Antique Brass compass. London: T. Cooke, [ca. 20th century]

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Antique Brass compass. London: T. Cooke, [ca. 20th century]. Compass with pull-off brass lid, glass crystal, with magnetic needle. 6.3 cm diameter. Some tarnishing. Near fine.



London 1910s

Size: 6.3 cm

The 1851 census shows that Cooke employed four men and an apprentice. In 1855 Cooke exhibited at the Exposition Universelle in Paris and won a First Class Medal for a 7.5 inch equatorial refractor. By 1855 Thomas Cooke had built a factory at Bishophill in York.

In 1864 Cooke undertook his first order for surveying equipment when he built 16 theodolites to be sent to India. On arrival they were found to be very well made except that the circle division was faulty. They were returned to York and redivided. By 1870 The Survey of India used Cooke levels for the primary survey in preference to Troughton & Simms products as they considered them to be superior.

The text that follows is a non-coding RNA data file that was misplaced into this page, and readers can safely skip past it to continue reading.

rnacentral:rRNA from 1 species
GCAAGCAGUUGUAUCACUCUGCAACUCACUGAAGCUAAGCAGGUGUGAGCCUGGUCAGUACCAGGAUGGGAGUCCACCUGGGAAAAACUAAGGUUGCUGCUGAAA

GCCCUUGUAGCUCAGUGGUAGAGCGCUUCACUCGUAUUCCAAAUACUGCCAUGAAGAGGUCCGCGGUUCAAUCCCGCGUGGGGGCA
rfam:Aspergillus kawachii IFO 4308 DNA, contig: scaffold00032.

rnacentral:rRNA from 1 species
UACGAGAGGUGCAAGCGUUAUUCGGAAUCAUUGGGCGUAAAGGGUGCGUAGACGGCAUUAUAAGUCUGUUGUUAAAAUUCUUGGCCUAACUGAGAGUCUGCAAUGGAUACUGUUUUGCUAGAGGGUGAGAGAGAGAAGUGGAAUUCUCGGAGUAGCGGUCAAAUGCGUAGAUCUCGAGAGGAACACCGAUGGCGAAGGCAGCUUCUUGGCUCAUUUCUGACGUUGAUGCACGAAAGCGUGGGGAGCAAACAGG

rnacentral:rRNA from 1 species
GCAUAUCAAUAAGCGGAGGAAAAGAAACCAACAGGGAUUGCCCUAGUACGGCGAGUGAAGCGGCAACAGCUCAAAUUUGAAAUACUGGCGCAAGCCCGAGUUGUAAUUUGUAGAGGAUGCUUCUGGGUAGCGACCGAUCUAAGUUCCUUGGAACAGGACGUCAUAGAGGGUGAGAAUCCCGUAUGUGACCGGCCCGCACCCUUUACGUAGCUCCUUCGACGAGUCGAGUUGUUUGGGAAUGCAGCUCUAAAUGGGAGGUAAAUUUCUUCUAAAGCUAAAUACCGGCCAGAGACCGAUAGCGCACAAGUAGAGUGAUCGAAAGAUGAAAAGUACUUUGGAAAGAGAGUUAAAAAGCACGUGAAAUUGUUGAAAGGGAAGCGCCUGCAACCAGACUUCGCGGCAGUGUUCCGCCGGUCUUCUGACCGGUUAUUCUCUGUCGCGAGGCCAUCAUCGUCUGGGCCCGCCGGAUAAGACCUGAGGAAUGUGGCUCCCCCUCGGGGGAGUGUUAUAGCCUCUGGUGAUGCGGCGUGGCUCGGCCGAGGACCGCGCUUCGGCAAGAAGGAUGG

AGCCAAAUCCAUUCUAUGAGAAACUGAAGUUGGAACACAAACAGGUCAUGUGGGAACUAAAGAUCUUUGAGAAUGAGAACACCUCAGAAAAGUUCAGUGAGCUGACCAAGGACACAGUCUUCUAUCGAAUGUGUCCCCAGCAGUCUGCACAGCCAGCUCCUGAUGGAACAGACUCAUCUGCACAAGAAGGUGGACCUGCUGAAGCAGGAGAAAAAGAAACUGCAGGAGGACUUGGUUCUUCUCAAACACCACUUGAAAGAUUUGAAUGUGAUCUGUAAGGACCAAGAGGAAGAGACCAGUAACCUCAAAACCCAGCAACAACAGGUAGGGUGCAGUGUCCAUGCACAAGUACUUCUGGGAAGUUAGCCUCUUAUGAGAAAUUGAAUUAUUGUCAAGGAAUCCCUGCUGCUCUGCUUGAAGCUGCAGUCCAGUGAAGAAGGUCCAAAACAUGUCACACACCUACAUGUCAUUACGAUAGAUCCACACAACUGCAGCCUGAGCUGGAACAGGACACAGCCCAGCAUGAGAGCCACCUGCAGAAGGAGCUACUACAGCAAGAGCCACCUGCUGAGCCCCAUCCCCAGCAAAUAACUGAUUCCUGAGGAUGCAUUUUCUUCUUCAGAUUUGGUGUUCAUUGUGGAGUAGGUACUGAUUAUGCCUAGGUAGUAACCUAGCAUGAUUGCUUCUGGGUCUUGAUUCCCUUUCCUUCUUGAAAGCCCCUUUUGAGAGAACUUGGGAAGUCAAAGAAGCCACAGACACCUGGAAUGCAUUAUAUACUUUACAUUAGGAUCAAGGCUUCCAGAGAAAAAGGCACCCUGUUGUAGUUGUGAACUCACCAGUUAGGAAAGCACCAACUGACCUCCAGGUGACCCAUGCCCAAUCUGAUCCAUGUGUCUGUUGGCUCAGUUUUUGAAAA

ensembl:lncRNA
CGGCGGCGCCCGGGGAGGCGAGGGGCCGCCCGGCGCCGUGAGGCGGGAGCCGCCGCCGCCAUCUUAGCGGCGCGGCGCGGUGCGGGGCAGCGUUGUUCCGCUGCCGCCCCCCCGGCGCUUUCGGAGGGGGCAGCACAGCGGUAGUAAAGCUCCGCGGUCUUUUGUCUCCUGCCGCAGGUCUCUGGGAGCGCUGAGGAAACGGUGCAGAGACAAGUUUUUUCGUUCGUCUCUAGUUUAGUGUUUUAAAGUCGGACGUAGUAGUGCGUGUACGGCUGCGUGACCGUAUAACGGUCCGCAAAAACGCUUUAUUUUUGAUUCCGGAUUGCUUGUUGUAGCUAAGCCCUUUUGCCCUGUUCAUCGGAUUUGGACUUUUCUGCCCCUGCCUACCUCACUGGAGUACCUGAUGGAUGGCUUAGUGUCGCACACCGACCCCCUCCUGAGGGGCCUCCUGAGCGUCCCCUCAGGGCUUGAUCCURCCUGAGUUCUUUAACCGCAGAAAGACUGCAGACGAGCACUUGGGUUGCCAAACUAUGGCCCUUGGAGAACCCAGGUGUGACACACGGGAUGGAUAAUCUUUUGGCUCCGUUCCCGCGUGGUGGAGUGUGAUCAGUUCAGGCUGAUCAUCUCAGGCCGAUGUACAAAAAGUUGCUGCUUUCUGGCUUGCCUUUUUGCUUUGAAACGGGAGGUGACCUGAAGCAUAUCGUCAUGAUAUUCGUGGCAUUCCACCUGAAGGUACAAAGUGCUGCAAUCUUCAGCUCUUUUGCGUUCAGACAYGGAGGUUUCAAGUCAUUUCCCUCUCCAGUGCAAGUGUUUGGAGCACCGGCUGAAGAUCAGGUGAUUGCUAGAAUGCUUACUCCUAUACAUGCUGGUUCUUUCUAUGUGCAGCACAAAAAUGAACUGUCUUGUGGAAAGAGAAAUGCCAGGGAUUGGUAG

Following the death of Cooke in 1868, the business was continued by his sons.

The firm built the clock face on the Darlington clock tower. Cooke & Sons also provided a 12 inch theodolite for the construction of the Forth Railway Bridge. Observatory domes were also made using papier-maché including in 1883 one for Greenwich Observatory.

In 1892 Dennis Taylor, working to reduce chromatic aberration, invented a three element lens design incorporating a new Schott glass element. This design was called a 'photo-visual' design and used for both visual and photographic astronomy. Taylor became Optical Manager at the firm in 1893.

Six lightweight theodolites were made for Scott's ill-fated Terra Nova Expedition of 1910-1913.